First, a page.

(Rögnvaldsson & Thráinsson (1990); Thráinsson, p.c.) The Icelandic situation, as illustrated in (1), contrasts with what we find in German. In German embedded V2 is possible only in a limited class of embedded clauses, essentially the complements to "bridge verbs" of the type in (1a). On the other hand, embedded V2 is excluded in all the contexts parallel to (1b‑e):2 (2)a. Ich glaube, gestern hat Maria dieses Buch gelesen.
I believe yesterday has M. this book read.
'I believe Mary read this book yesterday.'
b.*Ich bedauere,(daß) gestern hat Maria dieses Buch gelesen.
I regret (that) yesterday has M. this book read.
c.*Ich frage mir, ob gestern hat Maria dieses Buch gelesen.
I ask me whether yesterday has M. this book read.
d.*die Tatsache, gestern hat Maria dieses Buch gelesen
the fact yesterday has M. this book read.
e.*das Buch, das gestern hat Maria gelesen
the book which yesterday has M. read For (2a), an analysis in terms of CP‑recursion seems to be in order. As noted in Rizzi & Roberts (1989), the same class of verbs allows an otherwise root phenomenon ‑‑ subject‑aux inversion triggered by a negative‑polarity item ‑‑ in its complement in English: (3)a. I believe that only in America could you do such a thing. b.*I wonder whether only in America could you do such a thing.
It seems then that, independently of verb‑second, the complements of bridge verbs are able to have root properties. We propose, still following Rizzi & Roberts (1989), that this is because bridge verbs allow CP‑recursion in their complements. More precisely, we propose that bridge verbs select a CE which selects another CE; to avoid unlimited recursion at the C‑level we clearly must propose that the two CEs have different properties (e.g. that the first allows a "propositional" complement while the second only allows a "predicational" complement in the terms of Rizzi (1990b)). In German the two CEs are different in form: the first is null, the second is filled by the inflected verb, like the CE of a matrix clause (in English, too, the CE which selects CP is different from other CEs: that in (3a) cannot be deleted, while other occurrences of that can be). Adopting this analysis for (2a), we propose the following partial structure: (4) .. glaube [CP O [CP gestern [C' hat [ Maria ...
Vikner (1990) proposes extending this analysis to embedded verb second in Icelandic. This entails that CP‑recursion is generalized in Icelandic, while it is limited to a specific class of complements in German, Mainland Scandinavian and English. In other words, the property of selecting CE is available for all classes of CE in Icelandic. However, if this were true, then there would be no way to avoid unlimited recursion of CE, clearly an undesirable consequence. Instead, our proposal provides a straightforward account of the data in (1). These examples have the following structure (although, to the extent that the class of verbs which allows CP‑recursion in German also allows it in Icelandic, (1a) may also have a structure like (4) with aδ in the higher CE and the inflected verb in the lower CE):3 (5) [CP CE [Agr1P TOP [Agr1' V+Agr1 [Agr2P NPNom [Agr2E t As we will see in more detail in Section 3, the special property of Icelandic is that SpecAgr1' is a topic position while the usual superficial subject position is SpecAgr2'. If we do not assume a double‑Agr structure, no other position would be available for the subject. Since there is no generalized CP‑recursion, SpecC' is not available. Although we assume that the subject is base‑generated in VP (cf. in particular Koopman & Sportiche (1991)), the base‑position of the subject is unavailable, at least for a definite NP, since it is not a position which can receive Nominative Case from AgrE (cf. Section 4 for some evidence that indefinite NPs can appear in this position). This idea is confirmed by the fact that definite subjects always precede VP‑adverbs, as in .. aδ Pegar hefur Maríaoft lesiδ Pessa bók, 'that already has Mary often read this book' (Thráinsson, p.c.) (cf. also Vikner (1990, Ch 2:45)). Furthermore, we follow Rizzi (1990a) in assuming that SpecT' is inherently an A'‑position and as such not a possible landing site for the subject. In fact, if we adopt Rizzi's (1991b) characterization of potential A‑positions as either Θ‑positions or specifiers of Agr, SpecT' must be an A'‑position. Hence SpecAgr2' is the position of the definite subject. Given this analysis of embedded clauses, we are not forced to treat matrix V2 in Icelandic as involving movement of the verb to CE. Movement to Agr1E would clearly suffice to derive the same orders (cf. Rögnvaldsson & Thráinsson (1990) and the references given there for recent discussion of similar proposals). At the same time, the data do not force us to reject a movement‑to‑C analysis.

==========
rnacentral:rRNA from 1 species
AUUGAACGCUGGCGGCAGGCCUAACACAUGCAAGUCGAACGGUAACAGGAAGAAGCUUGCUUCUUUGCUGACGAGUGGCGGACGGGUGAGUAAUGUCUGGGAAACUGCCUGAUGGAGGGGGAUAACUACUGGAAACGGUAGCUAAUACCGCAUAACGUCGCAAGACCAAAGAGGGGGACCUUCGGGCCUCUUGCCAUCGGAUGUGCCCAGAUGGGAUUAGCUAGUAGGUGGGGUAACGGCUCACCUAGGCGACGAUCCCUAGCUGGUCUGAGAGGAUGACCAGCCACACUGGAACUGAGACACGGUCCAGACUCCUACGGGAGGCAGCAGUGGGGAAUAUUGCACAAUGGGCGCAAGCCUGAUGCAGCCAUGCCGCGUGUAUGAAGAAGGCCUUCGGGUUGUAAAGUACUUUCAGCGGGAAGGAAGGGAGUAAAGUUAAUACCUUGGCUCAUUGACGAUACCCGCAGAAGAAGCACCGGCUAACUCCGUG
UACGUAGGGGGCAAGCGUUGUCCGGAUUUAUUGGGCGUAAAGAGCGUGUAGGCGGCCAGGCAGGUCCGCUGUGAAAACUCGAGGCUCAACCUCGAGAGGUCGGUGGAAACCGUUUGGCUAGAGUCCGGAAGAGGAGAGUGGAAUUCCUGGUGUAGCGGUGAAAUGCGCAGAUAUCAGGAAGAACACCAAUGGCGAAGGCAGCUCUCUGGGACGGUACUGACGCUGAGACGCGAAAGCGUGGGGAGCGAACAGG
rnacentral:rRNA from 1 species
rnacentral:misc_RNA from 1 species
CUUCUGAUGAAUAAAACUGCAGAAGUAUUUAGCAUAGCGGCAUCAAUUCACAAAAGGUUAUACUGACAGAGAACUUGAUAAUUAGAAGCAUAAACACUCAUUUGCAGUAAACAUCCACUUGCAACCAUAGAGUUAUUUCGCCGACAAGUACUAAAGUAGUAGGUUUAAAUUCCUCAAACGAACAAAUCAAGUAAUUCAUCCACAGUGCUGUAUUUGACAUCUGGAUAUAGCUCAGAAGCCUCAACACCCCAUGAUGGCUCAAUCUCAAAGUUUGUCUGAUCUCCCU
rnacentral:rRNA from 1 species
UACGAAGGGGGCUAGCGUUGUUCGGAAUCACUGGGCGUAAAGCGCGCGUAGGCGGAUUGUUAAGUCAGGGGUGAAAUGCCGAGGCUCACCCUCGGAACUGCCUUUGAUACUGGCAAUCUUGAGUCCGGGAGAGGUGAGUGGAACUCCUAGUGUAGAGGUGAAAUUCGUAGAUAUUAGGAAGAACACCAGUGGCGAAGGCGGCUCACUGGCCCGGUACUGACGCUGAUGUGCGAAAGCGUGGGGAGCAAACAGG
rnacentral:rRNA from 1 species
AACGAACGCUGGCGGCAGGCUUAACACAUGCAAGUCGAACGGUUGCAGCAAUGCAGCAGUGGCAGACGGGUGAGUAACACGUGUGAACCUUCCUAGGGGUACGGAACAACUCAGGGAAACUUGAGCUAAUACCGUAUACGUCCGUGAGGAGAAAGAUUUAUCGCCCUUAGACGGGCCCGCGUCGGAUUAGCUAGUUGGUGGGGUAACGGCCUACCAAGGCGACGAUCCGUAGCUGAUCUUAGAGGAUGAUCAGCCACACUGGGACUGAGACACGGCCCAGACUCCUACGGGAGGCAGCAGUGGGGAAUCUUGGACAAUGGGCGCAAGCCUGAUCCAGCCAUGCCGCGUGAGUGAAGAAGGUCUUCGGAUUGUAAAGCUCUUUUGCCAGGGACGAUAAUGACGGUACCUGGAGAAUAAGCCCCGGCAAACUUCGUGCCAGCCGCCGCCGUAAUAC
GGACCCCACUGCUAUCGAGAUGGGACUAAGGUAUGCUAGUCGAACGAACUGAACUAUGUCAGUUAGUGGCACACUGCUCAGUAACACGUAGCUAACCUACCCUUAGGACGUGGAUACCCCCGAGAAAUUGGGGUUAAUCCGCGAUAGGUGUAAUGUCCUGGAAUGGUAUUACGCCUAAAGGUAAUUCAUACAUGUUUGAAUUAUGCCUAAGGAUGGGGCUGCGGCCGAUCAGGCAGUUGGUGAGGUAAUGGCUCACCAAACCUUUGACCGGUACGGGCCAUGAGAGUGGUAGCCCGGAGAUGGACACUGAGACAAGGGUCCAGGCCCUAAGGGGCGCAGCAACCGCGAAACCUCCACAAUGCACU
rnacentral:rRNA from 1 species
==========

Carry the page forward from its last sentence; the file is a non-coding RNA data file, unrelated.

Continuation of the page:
One property of Icelandic, however, suggests that matrix V2 should in fact be handled in terms of verb‑movement to Agr1E rather than to CE. Icelandic makes much more frequent use of declarative V1 orders than do the other (Modern) Germanic languages (aside from Yiddish). Declarative V1 is illustrated in the following example: (6) Hitti hann pá einhverja útlendingar.
Met he then some foreigners.
'He then met some foreigners.'